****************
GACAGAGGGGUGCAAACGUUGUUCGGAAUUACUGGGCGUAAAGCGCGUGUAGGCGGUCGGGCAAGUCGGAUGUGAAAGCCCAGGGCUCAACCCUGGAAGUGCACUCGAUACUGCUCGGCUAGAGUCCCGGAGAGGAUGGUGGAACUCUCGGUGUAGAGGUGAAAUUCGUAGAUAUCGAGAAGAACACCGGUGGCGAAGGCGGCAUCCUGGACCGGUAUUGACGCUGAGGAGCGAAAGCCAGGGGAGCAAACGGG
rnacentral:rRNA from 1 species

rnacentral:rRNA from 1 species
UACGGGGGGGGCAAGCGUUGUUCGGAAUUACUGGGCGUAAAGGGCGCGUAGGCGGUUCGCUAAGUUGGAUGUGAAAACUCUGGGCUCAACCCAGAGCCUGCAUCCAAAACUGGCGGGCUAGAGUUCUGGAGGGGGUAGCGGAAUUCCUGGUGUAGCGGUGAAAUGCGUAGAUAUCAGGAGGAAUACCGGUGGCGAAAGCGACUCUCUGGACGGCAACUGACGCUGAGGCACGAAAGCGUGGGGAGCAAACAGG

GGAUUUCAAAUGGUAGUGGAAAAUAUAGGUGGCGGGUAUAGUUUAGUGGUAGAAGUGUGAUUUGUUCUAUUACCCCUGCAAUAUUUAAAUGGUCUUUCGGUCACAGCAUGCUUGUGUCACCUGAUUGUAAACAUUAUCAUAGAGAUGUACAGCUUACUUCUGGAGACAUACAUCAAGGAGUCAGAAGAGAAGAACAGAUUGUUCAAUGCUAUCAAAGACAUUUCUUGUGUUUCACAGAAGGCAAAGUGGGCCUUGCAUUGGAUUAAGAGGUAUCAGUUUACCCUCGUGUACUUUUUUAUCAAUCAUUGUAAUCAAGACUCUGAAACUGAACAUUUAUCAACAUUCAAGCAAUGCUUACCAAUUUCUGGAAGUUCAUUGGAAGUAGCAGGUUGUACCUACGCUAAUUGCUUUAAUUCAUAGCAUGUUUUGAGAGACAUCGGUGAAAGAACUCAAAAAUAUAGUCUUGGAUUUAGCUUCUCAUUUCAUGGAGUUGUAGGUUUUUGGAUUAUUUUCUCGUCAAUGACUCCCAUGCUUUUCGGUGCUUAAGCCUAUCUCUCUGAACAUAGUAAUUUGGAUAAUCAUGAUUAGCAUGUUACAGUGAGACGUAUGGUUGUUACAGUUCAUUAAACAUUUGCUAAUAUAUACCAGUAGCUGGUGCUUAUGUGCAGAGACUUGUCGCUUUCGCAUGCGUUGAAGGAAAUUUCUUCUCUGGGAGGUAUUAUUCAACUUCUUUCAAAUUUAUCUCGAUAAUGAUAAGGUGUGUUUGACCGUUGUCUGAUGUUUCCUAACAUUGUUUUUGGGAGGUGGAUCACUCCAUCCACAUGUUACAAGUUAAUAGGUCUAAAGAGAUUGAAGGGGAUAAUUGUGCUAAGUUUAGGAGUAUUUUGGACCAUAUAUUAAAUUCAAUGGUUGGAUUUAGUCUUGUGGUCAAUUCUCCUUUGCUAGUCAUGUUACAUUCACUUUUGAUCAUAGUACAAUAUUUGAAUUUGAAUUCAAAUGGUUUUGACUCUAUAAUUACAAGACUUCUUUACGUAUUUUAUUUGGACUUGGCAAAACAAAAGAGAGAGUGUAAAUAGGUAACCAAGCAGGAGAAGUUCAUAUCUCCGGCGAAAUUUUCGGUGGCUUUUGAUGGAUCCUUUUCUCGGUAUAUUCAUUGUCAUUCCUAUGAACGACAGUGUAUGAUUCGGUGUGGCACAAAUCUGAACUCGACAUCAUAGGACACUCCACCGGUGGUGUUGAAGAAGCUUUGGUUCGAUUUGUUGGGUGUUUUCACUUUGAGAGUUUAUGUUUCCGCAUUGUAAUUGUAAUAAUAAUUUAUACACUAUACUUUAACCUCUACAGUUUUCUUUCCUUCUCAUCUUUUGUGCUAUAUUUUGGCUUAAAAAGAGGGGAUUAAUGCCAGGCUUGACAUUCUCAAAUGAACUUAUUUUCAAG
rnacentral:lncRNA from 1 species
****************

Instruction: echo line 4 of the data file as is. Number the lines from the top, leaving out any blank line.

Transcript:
UACGGGGGGGGCAAGCGUUGUUCGGAAUUACUGGGCGUAAAGGGCGCGUAGGCGGUUCGCUAAGUUGGAUGUGAAAACUCUGGGCUCAACCCAGAGCCUGCAUCCAAAACUGGCGGGCUAGAGUUCUGGAGGGGGUAGCGGAAUUCCUGGUGUAGCGGUGAAAUGCGUAGAUAUCAGGAGGAAUACCGGUGGCGAAAGCGACUCUCUGGACGGCAACUGACGCUGAGGCACGAAAGCGUGGGGAGCAAACAGG